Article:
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Commentary


Efficient pharmacotherapy

Vol. 10, No. 07 / July 2011

Discuss this article at www.facebook.com/CurrentPsychiatry

I agree with Dr. Nasrallah’s assertions that a single psychotropic can treat different disorders (“Parsimonious pharmacotherapy,” From the Editor, Current Psychiatry, May 2011, p. 12-16). During my consultation-liaison fellowship at MD Anderson Cancer Center, different forms of delirium were a daily occurrence in our hospitalized patients. A low dose of psychotropic—usually quetiapine—proved effective in controlling delirium; in acute and severe cases, low-dose IV haloperidol helped control agitation and psychosis.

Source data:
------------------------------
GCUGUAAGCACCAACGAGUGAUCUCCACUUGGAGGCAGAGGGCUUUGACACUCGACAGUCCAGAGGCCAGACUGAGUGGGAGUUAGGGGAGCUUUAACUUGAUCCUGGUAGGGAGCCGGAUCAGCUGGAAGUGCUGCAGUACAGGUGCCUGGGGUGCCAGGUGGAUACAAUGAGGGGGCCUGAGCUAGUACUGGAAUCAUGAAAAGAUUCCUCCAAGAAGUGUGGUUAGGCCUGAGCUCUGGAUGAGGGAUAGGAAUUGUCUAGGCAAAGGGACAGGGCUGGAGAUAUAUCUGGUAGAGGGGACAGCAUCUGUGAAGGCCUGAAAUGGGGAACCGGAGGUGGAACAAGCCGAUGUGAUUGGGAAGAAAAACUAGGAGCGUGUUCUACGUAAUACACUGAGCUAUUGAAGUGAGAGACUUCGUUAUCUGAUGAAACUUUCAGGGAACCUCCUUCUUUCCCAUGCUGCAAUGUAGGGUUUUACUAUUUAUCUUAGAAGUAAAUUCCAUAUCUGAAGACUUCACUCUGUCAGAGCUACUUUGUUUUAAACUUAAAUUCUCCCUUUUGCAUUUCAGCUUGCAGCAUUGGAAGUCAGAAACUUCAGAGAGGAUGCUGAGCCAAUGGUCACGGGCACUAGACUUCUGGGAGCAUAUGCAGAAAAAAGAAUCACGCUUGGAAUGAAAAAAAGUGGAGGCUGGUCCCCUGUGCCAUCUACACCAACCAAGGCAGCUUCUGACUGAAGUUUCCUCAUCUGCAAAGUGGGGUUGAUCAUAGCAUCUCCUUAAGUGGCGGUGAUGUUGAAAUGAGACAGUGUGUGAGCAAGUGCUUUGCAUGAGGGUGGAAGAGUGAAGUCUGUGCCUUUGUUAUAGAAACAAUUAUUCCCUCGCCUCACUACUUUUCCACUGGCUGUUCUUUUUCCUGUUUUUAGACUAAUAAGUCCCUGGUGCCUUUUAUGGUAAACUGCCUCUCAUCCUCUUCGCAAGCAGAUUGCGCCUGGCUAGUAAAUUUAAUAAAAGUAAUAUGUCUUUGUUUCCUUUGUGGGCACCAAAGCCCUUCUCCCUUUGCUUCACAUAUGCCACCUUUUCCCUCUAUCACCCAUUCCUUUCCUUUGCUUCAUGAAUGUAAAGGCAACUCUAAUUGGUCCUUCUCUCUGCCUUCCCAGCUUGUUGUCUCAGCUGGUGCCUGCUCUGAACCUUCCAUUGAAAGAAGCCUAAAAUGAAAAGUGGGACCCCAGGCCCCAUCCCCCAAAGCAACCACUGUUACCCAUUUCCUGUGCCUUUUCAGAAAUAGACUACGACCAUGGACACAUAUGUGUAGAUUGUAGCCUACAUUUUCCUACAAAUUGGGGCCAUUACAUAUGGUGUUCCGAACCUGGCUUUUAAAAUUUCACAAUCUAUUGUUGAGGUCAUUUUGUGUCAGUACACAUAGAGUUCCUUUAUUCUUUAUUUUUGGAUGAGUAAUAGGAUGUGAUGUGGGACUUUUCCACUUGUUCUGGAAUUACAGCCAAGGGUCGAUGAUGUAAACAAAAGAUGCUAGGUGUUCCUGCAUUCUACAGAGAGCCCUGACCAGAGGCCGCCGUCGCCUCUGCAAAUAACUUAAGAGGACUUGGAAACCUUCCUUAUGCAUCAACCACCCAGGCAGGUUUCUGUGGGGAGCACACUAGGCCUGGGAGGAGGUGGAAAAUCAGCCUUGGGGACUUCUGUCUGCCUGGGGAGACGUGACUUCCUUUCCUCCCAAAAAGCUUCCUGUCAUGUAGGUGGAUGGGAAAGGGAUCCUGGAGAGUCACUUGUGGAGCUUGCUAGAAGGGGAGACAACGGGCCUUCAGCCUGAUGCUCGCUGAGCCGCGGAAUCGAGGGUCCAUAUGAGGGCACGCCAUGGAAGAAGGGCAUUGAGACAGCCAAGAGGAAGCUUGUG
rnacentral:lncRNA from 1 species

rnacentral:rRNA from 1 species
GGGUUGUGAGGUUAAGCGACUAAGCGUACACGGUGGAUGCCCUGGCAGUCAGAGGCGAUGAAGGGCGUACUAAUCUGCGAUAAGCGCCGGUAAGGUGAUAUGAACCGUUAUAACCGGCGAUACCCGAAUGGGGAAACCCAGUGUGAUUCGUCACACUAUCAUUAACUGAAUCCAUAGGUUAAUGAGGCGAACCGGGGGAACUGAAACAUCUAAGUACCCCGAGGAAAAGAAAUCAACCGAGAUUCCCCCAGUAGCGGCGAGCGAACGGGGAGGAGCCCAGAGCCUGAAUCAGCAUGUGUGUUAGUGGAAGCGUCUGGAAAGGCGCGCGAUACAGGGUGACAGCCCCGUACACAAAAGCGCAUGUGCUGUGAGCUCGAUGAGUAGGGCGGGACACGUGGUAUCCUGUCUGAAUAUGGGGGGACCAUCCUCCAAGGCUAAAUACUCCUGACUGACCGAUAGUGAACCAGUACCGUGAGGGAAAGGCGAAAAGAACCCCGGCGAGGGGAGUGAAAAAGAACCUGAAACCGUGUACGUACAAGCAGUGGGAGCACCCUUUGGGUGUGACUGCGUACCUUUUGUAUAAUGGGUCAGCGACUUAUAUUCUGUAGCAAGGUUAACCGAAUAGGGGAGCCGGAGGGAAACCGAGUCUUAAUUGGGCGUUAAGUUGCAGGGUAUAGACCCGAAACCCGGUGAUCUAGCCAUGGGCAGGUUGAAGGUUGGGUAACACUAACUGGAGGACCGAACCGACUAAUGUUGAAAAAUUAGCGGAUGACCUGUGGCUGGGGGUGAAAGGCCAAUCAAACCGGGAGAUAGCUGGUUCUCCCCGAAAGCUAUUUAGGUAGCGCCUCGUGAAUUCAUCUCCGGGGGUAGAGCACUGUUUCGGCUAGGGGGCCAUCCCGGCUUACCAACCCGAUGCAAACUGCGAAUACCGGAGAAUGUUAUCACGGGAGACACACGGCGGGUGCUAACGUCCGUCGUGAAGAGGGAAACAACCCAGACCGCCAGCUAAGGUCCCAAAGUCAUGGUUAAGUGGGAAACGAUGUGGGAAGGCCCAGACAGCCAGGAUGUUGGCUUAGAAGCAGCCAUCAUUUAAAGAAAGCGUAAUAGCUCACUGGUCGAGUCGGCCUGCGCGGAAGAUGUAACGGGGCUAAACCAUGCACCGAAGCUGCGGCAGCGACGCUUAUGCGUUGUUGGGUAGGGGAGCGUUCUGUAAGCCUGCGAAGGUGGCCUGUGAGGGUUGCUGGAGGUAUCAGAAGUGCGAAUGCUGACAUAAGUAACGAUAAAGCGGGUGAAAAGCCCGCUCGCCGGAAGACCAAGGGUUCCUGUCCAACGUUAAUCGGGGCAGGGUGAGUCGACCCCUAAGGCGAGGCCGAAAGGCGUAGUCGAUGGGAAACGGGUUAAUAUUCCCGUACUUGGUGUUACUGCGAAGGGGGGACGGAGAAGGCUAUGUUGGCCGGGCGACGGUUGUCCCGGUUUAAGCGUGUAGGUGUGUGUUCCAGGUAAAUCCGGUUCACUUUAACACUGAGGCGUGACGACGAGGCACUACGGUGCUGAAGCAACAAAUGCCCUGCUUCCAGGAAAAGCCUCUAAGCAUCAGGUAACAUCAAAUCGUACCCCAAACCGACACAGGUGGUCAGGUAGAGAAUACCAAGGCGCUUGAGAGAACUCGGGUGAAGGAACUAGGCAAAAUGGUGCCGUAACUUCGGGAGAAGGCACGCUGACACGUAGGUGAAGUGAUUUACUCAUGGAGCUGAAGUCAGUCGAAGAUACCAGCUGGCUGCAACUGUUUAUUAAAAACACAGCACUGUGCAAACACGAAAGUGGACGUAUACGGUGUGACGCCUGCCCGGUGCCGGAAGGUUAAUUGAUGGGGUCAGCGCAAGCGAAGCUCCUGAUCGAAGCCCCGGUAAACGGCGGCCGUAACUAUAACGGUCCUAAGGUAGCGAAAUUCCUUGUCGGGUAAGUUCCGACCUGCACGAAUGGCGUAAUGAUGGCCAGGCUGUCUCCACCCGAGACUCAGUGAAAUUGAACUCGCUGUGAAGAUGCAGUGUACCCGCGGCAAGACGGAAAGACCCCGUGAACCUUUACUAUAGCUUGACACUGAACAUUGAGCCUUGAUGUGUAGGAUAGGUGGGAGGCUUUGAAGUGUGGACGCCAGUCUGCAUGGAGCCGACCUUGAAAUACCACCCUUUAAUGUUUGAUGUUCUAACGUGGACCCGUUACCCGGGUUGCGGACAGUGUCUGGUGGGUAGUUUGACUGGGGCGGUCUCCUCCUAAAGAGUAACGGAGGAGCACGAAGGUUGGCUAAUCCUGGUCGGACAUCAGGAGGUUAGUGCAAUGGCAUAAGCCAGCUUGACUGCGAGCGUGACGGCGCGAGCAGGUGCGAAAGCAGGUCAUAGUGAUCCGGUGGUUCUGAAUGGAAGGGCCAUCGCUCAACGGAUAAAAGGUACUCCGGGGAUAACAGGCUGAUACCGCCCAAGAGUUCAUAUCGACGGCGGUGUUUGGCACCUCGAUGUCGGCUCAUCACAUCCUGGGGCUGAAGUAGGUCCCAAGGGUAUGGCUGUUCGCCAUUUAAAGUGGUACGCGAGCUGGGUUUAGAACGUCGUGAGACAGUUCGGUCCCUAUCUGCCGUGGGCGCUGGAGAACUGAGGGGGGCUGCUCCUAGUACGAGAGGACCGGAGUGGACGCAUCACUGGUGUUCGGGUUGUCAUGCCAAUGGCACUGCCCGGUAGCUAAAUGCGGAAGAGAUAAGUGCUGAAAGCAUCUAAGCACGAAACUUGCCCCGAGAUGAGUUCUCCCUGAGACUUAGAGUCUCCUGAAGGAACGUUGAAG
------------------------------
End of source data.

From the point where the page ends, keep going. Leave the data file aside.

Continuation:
Low-dose quetiapine also was beneficial in treating comorbidities such as increased anxiety, depression, pain, and insomnia, with minimal side effects. Because most of our patients suffered from several medical conditions and powerful, multiple-medication chemotherapies, in most cases psychotropic polypharmacy was contraindicated and avoided at all costs.

Corey Roman, MD
Psychiatrist, private practice
Miami, FL

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